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The Highest Return

I’ve said many times that marketing isn’t brain surgery, that no one dies if we make a mistake. Perhaps I’ve sold marketing short in my effort to lower the barriers to entry for lawyers and accountants. What I have been observing lately is quite different from this lighthearted take on things.

After sixteen years of working with lawyers and CPAs, I now see that the professional spirit can and does wither, and maybe even die, if we don’t nurture it with interesting work, fulfilling client and partner relationships, and satisfying outcomes. Marketing, at least as I try to teach people to do it, is one way out of such professional ennui.

Here’s the point: when you don’t develop business (read “relationships”), you have to take what you can get. You do work that comes from other partners, regardless of your interest in it. You serve clients you didn’t choose, who you may not like, and who are in businesses that do not stimulate you. You also must serve the interests of the partner who’s giving you work, whether you want to or not. You do all of this because it means billable time on your book, not because it means anything to your happiness as a professional. Somewhere along the line, the whole question of professional happiness is forgotten.

Maybe you have asked yourself if you’re a partner in an actual profession, or just a production worker in an intellectual factory. If you have, chances are you’re knee deep in a career you don’t want.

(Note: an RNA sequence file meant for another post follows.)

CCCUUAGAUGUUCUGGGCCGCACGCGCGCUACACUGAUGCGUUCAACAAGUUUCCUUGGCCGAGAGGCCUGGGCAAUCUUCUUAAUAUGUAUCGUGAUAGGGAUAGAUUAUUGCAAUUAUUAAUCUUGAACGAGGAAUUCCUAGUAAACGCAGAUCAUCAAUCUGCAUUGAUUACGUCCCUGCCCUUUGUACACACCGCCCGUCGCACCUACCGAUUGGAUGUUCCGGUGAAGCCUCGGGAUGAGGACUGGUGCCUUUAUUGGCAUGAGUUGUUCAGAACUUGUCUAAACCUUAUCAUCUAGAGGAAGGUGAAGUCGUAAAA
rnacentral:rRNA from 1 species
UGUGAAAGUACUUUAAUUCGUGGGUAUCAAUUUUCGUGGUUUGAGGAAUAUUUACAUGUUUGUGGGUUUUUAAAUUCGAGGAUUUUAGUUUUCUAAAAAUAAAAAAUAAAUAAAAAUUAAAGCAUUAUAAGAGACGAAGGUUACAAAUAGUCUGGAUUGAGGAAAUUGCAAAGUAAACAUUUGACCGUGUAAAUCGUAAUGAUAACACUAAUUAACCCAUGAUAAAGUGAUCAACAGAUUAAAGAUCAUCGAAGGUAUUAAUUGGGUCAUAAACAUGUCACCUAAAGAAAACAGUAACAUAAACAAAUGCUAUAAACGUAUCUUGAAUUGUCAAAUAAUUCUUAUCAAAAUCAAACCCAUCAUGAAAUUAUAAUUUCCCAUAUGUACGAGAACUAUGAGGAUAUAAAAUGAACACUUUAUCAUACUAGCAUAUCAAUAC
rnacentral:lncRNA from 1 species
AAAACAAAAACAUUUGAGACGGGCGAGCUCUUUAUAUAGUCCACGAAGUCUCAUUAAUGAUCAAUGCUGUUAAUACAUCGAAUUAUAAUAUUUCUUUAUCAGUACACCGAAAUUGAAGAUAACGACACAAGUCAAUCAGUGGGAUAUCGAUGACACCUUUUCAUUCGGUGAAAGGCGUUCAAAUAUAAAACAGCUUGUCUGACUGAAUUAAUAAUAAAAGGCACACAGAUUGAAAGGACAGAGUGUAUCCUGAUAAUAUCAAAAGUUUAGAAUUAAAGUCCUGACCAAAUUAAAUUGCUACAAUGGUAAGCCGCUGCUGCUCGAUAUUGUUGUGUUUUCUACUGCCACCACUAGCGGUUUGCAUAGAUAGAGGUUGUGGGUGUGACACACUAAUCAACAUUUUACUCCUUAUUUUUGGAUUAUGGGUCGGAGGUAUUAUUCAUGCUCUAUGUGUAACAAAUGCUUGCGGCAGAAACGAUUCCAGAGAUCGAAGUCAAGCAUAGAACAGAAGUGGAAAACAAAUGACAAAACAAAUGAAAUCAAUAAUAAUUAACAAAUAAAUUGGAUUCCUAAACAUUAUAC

Things absolutely do not have to be this way. You can market your way out of the problem. Developing relationships, which is the foundation of effective marketing, allows you to choose. You get to choose your clients. You get to choose your industries. You get to choose the services you will provide. When you’re in the marketplace developing relationships, your pipeline is full and you can afford to send work you don’t want to one of your competitors.

Marketing isn’t easy for most, and it absolutely involves time and risk (mostly a risk to your comfort zone). There’s no way around that. But the results of effective business development activity – independence, great professional relationships and intellectual fulfillment (not to mention money) – far outweigh the slow professional death of simply grinding out the hours.

The objective here is some measure of professional happiness, which is the highest return on your marketing investment.

© Melinda Guillemette 2009